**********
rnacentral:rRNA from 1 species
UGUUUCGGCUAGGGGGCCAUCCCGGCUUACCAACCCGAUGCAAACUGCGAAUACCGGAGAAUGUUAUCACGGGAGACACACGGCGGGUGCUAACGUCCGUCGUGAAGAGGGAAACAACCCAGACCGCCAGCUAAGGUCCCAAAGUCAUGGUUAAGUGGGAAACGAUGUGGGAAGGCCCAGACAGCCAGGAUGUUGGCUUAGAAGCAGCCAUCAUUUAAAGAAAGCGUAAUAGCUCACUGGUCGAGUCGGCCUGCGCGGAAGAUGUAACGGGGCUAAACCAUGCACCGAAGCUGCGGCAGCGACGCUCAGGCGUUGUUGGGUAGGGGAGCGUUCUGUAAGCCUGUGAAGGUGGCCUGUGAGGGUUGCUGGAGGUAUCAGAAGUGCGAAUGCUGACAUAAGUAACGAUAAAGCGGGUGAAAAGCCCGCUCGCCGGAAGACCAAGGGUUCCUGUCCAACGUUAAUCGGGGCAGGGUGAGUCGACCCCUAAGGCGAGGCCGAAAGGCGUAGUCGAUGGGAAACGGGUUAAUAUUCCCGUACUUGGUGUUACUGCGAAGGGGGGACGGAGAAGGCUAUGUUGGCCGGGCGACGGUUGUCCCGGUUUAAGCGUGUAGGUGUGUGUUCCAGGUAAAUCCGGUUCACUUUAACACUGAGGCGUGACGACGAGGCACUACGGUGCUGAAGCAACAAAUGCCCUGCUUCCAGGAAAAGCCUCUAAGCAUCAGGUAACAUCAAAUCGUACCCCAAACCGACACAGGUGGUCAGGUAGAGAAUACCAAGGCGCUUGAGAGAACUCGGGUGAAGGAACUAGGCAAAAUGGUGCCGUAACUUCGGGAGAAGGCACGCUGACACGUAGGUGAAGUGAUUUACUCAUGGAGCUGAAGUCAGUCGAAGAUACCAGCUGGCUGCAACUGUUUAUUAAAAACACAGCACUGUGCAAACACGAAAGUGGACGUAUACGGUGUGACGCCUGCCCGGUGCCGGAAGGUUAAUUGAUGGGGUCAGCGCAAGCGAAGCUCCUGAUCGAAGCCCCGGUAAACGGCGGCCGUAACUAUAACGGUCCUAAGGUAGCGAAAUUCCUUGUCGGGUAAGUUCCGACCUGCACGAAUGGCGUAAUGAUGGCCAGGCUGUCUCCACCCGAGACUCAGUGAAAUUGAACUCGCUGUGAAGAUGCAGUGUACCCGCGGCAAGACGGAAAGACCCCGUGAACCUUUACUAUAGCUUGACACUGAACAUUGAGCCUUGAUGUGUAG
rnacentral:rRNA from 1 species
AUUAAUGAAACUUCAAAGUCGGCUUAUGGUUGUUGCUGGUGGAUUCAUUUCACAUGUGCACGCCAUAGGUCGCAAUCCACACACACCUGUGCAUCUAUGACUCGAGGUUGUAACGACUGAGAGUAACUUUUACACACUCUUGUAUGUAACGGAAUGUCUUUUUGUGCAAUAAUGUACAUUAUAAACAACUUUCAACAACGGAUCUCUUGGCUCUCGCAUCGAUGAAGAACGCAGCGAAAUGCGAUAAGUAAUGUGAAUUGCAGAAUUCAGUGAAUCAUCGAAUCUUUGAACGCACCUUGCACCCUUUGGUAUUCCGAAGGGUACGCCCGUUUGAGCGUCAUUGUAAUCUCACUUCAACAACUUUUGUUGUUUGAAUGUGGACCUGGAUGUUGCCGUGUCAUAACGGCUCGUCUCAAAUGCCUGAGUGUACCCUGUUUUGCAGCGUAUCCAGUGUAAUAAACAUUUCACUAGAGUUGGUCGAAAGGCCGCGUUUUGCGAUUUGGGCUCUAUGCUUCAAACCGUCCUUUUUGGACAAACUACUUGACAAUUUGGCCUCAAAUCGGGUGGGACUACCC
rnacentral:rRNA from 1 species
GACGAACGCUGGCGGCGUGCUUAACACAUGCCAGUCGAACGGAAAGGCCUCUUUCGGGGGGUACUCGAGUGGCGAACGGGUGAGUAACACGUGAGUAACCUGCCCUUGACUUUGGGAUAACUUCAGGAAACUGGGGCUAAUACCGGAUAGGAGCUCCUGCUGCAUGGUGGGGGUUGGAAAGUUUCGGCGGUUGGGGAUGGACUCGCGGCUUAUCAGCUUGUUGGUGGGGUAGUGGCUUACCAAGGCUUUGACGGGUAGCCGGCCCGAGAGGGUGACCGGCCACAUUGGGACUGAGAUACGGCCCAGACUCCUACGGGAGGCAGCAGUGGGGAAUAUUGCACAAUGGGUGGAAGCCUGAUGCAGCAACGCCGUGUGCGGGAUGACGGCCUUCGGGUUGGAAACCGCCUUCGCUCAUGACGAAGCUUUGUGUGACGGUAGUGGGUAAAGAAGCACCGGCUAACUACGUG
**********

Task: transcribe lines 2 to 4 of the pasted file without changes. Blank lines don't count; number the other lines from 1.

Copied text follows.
UGUUUCGGCUAGGGGGCCAUCCCGGCUUACCAACCCGAUGCAAACUGCGAAUACCGGAGAAUGUUAUCACGGGAGACACACGGCGGGUGCUAACGUCCGUCGUGAAGAGGGAAACAACCCAGACCGCCAGCUAAGGUCCCAAAGUCAUGGUUAAGUGGGAAACGAUGUGGGAAGGCCCAGACAGCCAGGAUGUUGGCUUAGAAGCAGCCAUCAUUUAAAGAAAGCGUAAUAGCUCACUGGUCGAGUCGGCCUGCGCGGAAGAUGUAACGGGGCUAAACCAUGCACCGAAGCUGCGGCAGCGACGCUCAGGCGUUGUUGGGUAGGGGAGCGUUCUGUAAGCCUGUGAAGGUGGCCUGUGAGGGUUGCUGGAGGUAUCAGAAGUGCGAAUGCUGACAUAAGUAACGAUAAAGCGGGUGAAAAGCCCGCUCGCCGGAAGACCAAGGGUUCCUGUCCAACGUUAAUCGGGGCAGGGUGAGUCGACCCCUAAGGCGAGGCCGAAAGGCGUAGUCGAUGGGAAACGGGUUAAUAUUCCCGUACUUGGUGUUACUGCGAAGGGGGGACGGAGAAGGCUAUGUUGGCCGGGCGACGGUUGUCCCGGUUUAAGCGUGUAGGUGUGUGUUCCAGGUAAAUCCGGUUCACUUUAACACUGAGGCGUGACGACGAGGCACUACGGUGCUGAAGCAACAAAUGCCCUGCUUCCAGGAAAAGCCUCUAAGCAUCAGGUAACAUCAAAUCGUACCCCAAACCGACACAGGUGGUCAGGUAGAGAAUACCAAGGCGCUUGAGAGAACUCGGGUGAAGGAACUAGGCAAAAUGGUGCCGUAACUUCGGGAGAAGGCACGCUGACACGUAGGUGAAGUGAUUUACUCAUGGAGCUGAAGUCAGUCGAAGAUACCAGCUGGCUGCAACUGUUUAUUAAAAACACAGCACUGUGCAAACACGAAAGUGGACGUAUACGGUGUGACGCCUGCCCGGUGCCGGAAGGUUAAUUGAUGGGGUCAGCGCAAGCGAAGCUCCUGAUCGAAGCCCCGGUAAACGGCGGCCGUAACUAUAACGGUCCUAAGGUAGCGAAAUUCCUUGUCGGGUAAGUUCCGACCUGCACGAAUGGCGUAAUGAUGGCCAGGCUGUCUCCACCCGAGACUCAGUGAAAUUGAACUCGCUGUGAAGAUGCAGUGUACCCGCGGCAAGACGGAAAGACCCCGUGAACCUUUACUAUAGCUUGACACUGAACAUUGAGCCUUGAUGUGUAG
rnacentral:rRNA from 1 species
AUUAAUGAAACUUCAAAGUCGGCUUAUGGUUGUUGCUGGUGGAUUCAUUUCACAUGUGCACGCCAUAGGUCGCAAUCCACACACACCUGUGCAUCUAUGACUCGAGGUUGUAACGACUGAGAGUAACUUUUACACACUCUUGUAUGUAACGGAAUGUCUUUUUGUGCAAUAAUGUACAUUAUAAACAACUUUCAACAACGGAUCUCUUGGCUCUCGCAUCGAUGAAGAACGCAGCGAAAUGCGAUAAGUAAUGUGAAUUGCAGAAUUCAGUGAAUCAUCGAAUCUUUGAACGCACCUUGCACCCUUUGGUAUUCCGAAGGGUACGCCCGUUUGAGCGUCAUUGUAAUCUCACUUCAACAACUUUUGUUGUUUGAAUGUGGACCUGGAUGUUGCCGUGUCAUAACGGCUCGUCUCAAAUGCCUGAGUGUACCCUGUUUUGCAGCGUAUCCAGUGUAAUAAACAUUUCACUAGAGUUGGUCGAAAGGCCGCGUUUUGCGAUUUGGGCUCUAUGCUUCAAACCGUCCUUUUUGGACAAACUACUUGACAAUUUGGCCUCAAAUCGGGUGGGACUACCC